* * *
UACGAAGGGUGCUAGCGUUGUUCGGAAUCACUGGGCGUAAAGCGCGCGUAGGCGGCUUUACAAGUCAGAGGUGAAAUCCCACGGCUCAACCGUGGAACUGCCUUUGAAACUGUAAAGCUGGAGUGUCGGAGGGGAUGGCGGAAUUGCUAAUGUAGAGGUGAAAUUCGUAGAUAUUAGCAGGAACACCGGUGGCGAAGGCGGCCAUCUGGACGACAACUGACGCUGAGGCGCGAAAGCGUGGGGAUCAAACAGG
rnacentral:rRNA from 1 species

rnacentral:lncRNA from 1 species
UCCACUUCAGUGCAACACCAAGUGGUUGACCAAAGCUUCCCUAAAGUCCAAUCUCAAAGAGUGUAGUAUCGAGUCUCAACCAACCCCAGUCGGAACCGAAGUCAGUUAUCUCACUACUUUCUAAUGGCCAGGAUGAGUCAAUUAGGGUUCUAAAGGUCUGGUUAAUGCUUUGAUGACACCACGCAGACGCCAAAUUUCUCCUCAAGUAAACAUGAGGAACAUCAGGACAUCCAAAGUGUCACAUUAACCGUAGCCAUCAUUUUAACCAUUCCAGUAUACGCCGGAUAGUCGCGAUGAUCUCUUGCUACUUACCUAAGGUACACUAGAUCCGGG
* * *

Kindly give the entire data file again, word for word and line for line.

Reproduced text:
UACGAAGGGUGCUAGCGUUGUUCGGAAUCACUGGGCGUAAAGCGCGCGUAGGCGGCUUUACAAGUCAGAGGUGAAAUCCCACGGCUCAACCGUGGAACUGCCUUUGAAACUGUAAAGCUGGAGUGUCGGAGGGGAUGGCGGAAUUGCUAAUGUAGAGGUGAAAUUCGUAGAUAUUAGCAGGAACACCGGUGGCGAAGGCGGCCAUCUGGACGACAACUGACGCUGAGGCGCGAAAGCGUGGGGAUCAAACAGG
rnacentral:rRNA from 1 species

rnacentral:lncRNA from 1 species
UCCACUUCAGUGCAACACCAAGUGGUUGACCAAAGCUUCCCUAAAGUCCAAUCUCAAAGAGUGUAGUAUCGAGUCUCAACCAACCCCAGUCGGAACCGAAGUCAGUUAUCUCACUACUUUCUAAUGGCCAGGAUGAGUCAAUUAGGGUUCUAAAGGUCUGGUUAAUGCUUUGAUGACACCACGCAGACGCCAAAUUUCUCCUCAAGUAAACAUGAGGAACAUCAGGACAUCCAAAGUGUCACAUUAACCGUAGCCAUCAUUUUAACCAUUCCAGUAUACGCCGGAUAGUCGCGAUGAUCUCUUGCUACUUACCUAAGGUACACUAGAUCCGGG